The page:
The new Passat is one of the first Volkswagens to offer the new Fender audio system.? The famous guitar maker?s system produces excellent sounds, but with a different bias than I?m used to.? Because music at concerts comes from in front, Fender uses the same approach to creating sounds in the Passat, rather than surrounding the cabin with music.? The music has a heavy front bias, and it?s great.

The back seat was equally comfortable and capable of carrying three adults without too much overcrowding. I compared the Passat with competitors, and it was more roomy and comfortable than the Camry and Sonata and about par with the Accord, which is rated as a ?large? car by EPA standards. ??The Passat also has a spacious 15.9 cubic foot cargo area that should easily handle three or four sets of golf clubs or four large suitcases.

In addition to the three models, the front-wheel drive Passat offers three engine choices, which are all carryovers from the previous model.? The base engine for the S and SE models is a 170-hp, five-cylinder gasoline engine, and it undoubtly will be the engine most buyers choose.? Volkswagen has not released acceleration times for any of the engines, but I expect this one to make a 0 to 60 mph run in about 8.5 seconds.? EPA fuel economy estimates are 22 mpg city and 31 mpg highway with the DSG (Direct Shift Gearbox) transmission. ?Volkswagen was the first company to offer a production version of this double clutch automatic transmission in 2003.

A few shoppers will demand a V-6 engine, and VW has a good one with the 280-hp, 3.6-liter VR6.? This proven DOHC engine should produce a 0 to 60 mph time of about 6.5 seconds and fuel economy of 20 mpg city and 28 mpg highway.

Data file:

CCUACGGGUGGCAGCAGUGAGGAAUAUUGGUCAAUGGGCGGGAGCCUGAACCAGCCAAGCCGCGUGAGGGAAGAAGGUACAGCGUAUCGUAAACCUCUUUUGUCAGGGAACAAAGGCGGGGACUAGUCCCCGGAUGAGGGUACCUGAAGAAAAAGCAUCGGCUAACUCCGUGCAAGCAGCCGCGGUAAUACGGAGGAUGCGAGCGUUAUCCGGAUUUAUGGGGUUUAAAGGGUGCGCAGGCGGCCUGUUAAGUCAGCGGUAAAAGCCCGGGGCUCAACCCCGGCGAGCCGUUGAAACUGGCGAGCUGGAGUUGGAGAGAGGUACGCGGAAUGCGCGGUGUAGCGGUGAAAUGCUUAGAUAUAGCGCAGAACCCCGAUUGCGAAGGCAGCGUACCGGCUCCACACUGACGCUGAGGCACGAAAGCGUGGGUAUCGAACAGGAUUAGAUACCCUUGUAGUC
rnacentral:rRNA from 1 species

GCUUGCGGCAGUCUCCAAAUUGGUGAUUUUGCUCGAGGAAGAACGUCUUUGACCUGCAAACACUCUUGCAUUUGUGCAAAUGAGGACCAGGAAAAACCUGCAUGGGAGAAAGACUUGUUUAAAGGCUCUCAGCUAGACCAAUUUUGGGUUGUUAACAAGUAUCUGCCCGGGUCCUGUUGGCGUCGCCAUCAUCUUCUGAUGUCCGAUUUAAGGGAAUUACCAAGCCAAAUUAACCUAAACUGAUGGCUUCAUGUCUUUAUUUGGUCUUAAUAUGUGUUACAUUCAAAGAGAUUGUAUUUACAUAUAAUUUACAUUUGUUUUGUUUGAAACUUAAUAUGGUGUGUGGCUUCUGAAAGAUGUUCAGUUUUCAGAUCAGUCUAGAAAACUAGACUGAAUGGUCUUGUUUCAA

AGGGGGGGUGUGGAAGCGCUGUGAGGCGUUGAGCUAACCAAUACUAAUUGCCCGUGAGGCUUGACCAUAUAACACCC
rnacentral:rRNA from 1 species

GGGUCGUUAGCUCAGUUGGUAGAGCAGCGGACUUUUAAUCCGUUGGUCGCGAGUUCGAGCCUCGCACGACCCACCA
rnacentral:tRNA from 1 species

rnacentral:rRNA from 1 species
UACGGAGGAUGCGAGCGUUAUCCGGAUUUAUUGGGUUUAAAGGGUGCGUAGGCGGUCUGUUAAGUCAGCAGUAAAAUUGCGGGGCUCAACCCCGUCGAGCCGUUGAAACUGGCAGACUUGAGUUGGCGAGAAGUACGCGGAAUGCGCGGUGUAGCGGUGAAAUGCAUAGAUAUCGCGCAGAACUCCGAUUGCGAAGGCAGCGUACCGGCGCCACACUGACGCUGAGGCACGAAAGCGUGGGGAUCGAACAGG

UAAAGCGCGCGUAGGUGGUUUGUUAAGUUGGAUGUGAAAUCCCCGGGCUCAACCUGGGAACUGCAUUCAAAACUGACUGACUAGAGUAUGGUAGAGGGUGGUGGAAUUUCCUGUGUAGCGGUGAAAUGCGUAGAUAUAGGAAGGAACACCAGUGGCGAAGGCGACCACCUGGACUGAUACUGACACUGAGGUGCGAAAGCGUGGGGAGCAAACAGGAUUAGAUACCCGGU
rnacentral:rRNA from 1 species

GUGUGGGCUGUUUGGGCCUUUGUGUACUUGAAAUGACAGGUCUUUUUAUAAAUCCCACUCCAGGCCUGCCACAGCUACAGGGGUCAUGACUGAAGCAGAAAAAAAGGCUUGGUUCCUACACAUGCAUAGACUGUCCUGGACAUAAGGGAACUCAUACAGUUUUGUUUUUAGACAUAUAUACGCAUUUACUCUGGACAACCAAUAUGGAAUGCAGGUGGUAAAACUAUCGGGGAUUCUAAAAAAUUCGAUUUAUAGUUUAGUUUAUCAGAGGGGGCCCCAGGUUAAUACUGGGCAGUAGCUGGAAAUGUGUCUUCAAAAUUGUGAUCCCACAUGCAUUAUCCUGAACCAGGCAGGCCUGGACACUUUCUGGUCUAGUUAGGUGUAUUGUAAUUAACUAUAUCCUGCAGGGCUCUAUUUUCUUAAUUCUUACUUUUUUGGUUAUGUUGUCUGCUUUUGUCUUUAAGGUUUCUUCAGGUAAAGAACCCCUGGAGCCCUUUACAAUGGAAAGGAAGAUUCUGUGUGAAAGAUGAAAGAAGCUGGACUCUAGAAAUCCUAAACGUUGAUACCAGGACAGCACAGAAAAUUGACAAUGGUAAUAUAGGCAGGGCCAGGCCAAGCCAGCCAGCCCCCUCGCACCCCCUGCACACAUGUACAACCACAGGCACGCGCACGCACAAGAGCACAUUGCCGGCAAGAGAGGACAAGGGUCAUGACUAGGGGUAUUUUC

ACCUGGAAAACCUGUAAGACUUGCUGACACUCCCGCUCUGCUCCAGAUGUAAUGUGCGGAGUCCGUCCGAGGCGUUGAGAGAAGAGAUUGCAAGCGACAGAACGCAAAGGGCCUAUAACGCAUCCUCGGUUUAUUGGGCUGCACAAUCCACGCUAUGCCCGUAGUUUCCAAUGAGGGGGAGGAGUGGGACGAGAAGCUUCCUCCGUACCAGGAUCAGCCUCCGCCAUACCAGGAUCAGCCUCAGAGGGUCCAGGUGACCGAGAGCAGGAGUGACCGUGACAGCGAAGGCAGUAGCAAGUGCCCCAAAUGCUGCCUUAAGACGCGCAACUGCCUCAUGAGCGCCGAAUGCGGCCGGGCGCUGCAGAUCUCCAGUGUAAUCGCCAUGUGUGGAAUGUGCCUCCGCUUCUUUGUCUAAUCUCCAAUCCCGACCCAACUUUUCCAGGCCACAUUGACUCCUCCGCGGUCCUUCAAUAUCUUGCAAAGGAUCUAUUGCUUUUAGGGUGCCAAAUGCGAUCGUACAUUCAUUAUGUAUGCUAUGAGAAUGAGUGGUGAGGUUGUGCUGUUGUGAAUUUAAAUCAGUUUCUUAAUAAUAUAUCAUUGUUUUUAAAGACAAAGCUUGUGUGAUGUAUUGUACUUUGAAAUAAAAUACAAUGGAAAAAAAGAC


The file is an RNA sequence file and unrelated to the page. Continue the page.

The Passat is the only car in its class offered with a diesel engine option, which is my favorite.? The TDI (Turbocharged Direct Injection) produces140-hp and 236-lb.ft. of torque at 1,500 to 2,500 rpms.? This little diesel has enough power to spin the front tires a little under hard acceleration and it should accelerate from 0 to 60 in about 8.5 seconds.? The TDI is a clean diesel and the same engine used in the Volkswagen Golf TDI, which was named one of the top 10 Green Cars of 2011 by Kelley Blue Book. With its 31 mpg city and 43 mpg highway fuel economy rating and 18.5 gallon fuel tank, the TDI is capable of going up to 795 miles between fill-ups making it the longest distance production car sold in the US.?? We drove the TDI for about 100 miles making occasional jackrabbit starts and doing other things that handicap good fuel economy numbers and the trip computer said we were getting 43.1 mpg.

Initially, when I heard that VW was going to build a car to compete in the tough mid-level sedan market and drop the price to a competitive level, I expected to find a car filled with compromise. I expected it to have less personality, a reduced level of driving enjoyment and other concessions.? I couldn?t have been more wrong.

The NEW Passat has all the elements to make it a top competitor — without any compromise.

Bill Schaffer